Romans 5:5 is perhaps the single most helpful verse for under- standing this view of salvation by grace. ‘God’s love has been poured into our hearts through the Holy Spirit who has been given to us,’ writes the apostle Paul. Instead of being read as a verse about the transformative work of the Spirit in those who ‘have been justified by faith’ (Romans 5:1), as the context proves, Romans 5:5 was taken as an account of salvation, meaning that God pours his love and grace into our hearts, transforming us and making us holy – holy enough, ultimately, for heaven.

Our problem, according to this theology, is that, while God is holy, we are spiritually lazy. Only holy people belong with a holy God in heaven, but, while we may recognize the problem, we really cannot be bothered. We do not seem able to summon up the energy needed to be truly holy. And so God in his kindness gives us grace. ‘Grace’ is thus a bit like a can of spiritual Red Bull. I find myself unable to pull myself together and get holy. Then God gives me Grace, and suddenly I find myself much more eager and able.

This, then, was a theology of salvation by grace: without this grace, we could never become the sort of holy people it claimed belong in heaven. But it was absolutely not a theology of salvation by grace alone. Here grace provided the necessary boost it imagined we all need to earn eternal life; but it did not actually give or guarantee eternal life itself. The Red Bull of grace would be given to those who wanted and pursued it, and it saved only in so far as it enabled people to become holy and so win their salvation.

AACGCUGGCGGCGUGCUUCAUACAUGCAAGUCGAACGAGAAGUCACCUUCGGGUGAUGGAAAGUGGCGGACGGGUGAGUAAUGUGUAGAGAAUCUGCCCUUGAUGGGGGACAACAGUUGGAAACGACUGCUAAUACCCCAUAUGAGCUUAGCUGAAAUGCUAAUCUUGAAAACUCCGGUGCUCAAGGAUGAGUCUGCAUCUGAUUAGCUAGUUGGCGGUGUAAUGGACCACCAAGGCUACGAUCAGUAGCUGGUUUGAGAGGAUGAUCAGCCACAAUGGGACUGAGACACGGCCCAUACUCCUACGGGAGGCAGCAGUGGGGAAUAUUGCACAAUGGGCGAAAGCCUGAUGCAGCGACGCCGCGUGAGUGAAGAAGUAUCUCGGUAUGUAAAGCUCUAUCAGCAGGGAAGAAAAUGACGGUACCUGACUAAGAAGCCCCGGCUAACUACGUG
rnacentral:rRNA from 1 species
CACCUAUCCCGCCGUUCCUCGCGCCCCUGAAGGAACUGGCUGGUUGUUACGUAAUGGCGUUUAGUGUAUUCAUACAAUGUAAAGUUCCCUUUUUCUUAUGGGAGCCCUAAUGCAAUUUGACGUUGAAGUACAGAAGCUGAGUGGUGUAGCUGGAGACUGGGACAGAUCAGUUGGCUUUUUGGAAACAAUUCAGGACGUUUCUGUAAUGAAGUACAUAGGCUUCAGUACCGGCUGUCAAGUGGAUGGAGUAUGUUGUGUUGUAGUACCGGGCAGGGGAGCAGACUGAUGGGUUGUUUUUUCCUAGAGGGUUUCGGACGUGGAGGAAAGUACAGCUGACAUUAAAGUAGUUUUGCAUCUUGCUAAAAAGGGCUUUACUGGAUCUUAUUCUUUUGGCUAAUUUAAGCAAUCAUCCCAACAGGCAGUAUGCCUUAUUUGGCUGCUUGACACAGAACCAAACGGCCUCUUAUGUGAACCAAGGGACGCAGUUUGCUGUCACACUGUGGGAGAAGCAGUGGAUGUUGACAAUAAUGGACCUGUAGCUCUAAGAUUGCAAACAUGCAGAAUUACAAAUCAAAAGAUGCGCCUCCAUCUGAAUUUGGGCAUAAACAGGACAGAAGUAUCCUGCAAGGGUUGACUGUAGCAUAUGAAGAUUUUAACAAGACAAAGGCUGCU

This might all have been the theology of sixteenth-century Roman Catholicism, but it does not feel too unfamiliar to twenty-first century Protestants and evangelicals. ‘Grace’ is still routinely thought of today as a package of blessing doled out by God. And, small details aside, that picture captures well a common and instinctive view of salvation, that while we know God saves by grace, we still look to ourselves and our performance to know how we stand before him. Our prayer lives are often painfully revealing of this. Every day Christians should be able to approach the Almighty and boldly cry ‘Our Father’ all because of Jesus. As we read in Hebrews, ‘Since then we have a great high priest who has passed through the heavens, Jesus, the Son of God… Let us then with confidence draw near to the throne of grace’ (Hebrews 4:14–16). Yet in practice our sins and failings make us shrink back. Ignoring Jesus’ salvation, we feel we cannot approach the Holy One because of how we have performed. Continue reading

Grace: What Does God Give Us?

graceArticle” Grace: What Does God Give us? by Dr. Michael Reeves (original source by Michael Reeves and Tim Chester, Inter-Varsity Press London, England, 2016 (available here)

Years before the Reformation, in his days as a monk, Martin Luther had begun lecturing on the Bible at the university in Wittenberg. There he taught his students that salvation is by grace. ‘Not because of our merits,’ he explained; salvation is ‘given out of the pure mercy of the promising God’.[1] No alarms went off; not a single eyebrow was raised among all the inquisitors in Rome. And why not? Because Martin Luther the monk was still then upholding Rome’s own theology. He was loyally teaching standard medieval Roman Catholicism, that salvation is by grace.

Eyebrows might not have arched in Rome, but perhaps yours did just then. For was not the whole point of the Reformation that medieval Roman Catholicism falsely taught salvation by works? That, certainly, is how many see it. Yet that idea actually fails to grasp quite how things really were. More importantly, it fails to grasp the true wonder and acuteness of the Reformers’ message.